-          young French people can learn to read after their 15th 
birthday, especially at the beginning of their young adult life,

-          speaking French in a country other than France samples 
persons more in the portion of the people who had the chance to take a 
course in their life => knowing the French, they have also learned how 
to read and write it (see report: 
http://www.francophonie.org/Langue-Francaise-2014 ).

But, by default of better information, let us keep this order of 
magnitude: 20%. We thus obtain approximately 250 million Francophones x 
20% illiteracy = 50 million francophone illiterate persons.

Among these 50 million persons, we can expect to render a service to 
about 20% (?) of them (mainly the younger ones; the other ones may live 
in such a difficult material environment that Internet, computers, 
smartphones are just not available): The computation gives a potential 
of 10 million people.

The big question is now to estimate the final percentage of persons 
among these 10 millions who will have the courage and the willingness of 
learning the Fransin to access to the knowledge?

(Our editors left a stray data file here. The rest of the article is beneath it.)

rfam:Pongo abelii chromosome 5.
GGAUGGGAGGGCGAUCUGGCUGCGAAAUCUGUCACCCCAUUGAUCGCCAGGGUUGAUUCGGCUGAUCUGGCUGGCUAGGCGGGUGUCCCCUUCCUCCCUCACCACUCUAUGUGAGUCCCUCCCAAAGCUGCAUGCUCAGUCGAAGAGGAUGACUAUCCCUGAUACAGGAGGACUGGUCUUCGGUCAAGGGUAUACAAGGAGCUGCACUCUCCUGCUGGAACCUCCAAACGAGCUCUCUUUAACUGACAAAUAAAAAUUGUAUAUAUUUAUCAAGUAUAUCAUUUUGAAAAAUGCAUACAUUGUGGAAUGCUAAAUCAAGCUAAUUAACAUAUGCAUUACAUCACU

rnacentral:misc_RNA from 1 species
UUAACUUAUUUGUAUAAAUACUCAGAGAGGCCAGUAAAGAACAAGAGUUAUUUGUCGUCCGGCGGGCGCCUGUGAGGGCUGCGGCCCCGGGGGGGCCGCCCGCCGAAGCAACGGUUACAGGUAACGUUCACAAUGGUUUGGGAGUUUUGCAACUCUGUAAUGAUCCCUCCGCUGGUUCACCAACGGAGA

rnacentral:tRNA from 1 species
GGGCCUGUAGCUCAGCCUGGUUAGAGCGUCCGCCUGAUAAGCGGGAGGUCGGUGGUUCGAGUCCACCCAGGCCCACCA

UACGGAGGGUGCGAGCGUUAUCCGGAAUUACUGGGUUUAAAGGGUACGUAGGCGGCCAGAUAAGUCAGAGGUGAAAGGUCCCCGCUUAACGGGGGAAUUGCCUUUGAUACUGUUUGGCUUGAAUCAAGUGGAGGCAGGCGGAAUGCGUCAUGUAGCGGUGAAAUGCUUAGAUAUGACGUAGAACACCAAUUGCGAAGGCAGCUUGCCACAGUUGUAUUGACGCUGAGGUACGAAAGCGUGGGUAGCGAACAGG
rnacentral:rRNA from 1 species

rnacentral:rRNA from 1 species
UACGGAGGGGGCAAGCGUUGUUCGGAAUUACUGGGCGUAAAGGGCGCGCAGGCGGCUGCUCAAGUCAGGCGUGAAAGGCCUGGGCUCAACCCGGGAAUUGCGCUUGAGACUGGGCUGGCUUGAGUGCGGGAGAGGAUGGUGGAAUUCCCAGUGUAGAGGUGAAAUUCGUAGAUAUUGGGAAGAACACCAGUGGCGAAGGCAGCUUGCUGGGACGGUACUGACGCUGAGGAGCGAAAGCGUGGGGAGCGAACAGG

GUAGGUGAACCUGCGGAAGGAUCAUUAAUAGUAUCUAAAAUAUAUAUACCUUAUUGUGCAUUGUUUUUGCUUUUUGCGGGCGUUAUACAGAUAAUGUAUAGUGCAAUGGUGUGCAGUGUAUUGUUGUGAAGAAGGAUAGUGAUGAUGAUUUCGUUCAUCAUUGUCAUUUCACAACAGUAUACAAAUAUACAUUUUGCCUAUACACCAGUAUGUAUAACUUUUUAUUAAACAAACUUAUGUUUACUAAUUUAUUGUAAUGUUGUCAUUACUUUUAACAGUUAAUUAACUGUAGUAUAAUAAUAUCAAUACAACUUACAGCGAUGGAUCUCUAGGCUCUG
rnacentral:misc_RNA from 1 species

Even if we take 1 person about 100, we get finally the very pessimistic 
figure of 100.000 persons, for which the Fransin will become the quicker 
mean to access to the knowledge.

Even if this very pessimistic figure looks small, we think that these 
people (output from full analphabetism thanks to Fransin) could play a 
very important role within their own community, which is a key point to 

And these people might be perhaps able to drain other people not in the 
francophone community to the French, since the latter would become very 
easy to learn thanks to its phonetical transcription in Fransin?

The 3rd advantage relating to the teaching of Fransin to children is 
only listed here as a future hypothetical perspective. Nevertheless we 
can say today that many hundreds (thousands?) of hours of learning the